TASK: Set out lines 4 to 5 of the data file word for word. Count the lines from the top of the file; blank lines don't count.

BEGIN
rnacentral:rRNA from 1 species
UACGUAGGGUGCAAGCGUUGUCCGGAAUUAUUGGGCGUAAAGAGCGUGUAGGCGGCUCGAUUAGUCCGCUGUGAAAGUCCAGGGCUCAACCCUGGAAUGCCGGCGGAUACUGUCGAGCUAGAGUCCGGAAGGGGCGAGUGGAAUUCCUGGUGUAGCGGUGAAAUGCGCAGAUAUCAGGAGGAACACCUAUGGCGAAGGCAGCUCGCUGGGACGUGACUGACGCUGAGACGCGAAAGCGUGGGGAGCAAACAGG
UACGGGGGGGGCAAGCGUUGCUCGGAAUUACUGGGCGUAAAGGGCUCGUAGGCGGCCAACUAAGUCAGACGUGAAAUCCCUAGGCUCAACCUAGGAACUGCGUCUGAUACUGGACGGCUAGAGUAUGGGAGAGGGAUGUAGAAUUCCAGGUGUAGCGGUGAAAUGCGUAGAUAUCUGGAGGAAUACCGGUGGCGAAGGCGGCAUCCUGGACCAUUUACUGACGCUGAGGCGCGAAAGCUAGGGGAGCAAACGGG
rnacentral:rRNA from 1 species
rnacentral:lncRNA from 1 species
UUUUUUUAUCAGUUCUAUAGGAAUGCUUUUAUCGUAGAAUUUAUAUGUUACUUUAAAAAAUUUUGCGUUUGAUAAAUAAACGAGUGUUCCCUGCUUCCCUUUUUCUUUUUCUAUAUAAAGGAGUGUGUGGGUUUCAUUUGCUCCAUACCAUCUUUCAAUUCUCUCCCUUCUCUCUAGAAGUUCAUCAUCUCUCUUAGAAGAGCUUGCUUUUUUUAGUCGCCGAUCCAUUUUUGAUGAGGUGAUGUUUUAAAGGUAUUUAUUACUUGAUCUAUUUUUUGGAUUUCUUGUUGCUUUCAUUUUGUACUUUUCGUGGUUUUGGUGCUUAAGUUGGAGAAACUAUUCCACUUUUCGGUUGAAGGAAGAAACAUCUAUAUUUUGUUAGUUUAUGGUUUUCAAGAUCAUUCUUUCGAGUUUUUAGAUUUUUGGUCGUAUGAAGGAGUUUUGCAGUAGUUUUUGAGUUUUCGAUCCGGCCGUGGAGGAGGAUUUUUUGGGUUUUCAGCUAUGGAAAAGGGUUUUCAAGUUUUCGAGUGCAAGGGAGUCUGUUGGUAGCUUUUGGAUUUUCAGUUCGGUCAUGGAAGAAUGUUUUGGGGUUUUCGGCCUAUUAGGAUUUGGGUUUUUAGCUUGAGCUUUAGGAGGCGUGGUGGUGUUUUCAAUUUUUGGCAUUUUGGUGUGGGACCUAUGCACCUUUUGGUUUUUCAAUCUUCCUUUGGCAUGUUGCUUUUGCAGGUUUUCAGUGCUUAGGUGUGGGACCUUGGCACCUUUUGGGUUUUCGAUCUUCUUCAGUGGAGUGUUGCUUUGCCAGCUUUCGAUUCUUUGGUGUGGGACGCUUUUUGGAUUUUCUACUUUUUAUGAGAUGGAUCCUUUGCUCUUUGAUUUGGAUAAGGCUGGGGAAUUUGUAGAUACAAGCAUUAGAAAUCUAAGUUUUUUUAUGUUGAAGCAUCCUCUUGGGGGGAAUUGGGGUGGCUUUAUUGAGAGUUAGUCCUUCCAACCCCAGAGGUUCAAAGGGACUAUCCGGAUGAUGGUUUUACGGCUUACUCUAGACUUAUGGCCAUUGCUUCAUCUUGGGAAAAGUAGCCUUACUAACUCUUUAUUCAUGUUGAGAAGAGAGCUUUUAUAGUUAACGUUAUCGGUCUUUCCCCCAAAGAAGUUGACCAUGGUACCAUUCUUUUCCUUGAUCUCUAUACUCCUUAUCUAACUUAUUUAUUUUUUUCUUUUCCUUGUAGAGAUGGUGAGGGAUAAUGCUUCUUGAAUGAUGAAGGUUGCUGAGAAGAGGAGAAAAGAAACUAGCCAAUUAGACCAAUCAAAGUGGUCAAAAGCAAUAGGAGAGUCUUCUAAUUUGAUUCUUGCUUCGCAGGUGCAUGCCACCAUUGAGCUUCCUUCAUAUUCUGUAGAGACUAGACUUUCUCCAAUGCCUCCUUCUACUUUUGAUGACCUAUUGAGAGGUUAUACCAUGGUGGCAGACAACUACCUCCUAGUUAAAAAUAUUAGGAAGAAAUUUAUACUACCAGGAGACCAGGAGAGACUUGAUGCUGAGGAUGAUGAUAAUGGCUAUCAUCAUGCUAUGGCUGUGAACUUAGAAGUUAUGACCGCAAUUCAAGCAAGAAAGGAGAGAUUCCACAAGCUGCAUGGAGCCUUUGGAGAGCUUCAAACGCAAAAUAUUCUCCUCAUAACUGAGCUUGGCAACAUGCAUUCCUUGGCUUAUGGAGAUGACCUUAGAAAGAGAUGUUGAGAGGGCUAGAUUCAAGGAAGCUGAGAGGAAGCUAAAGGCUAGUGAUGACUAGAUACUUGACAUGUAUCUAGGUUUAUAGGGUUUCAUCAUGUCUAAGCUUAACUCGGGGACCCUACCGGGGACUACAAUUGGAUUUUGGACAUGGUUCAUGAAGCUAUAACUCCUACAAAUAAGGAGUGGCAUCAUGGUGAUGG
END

rnacentral:rRNA from 1 species
rnacentral:lncRNA from 1 species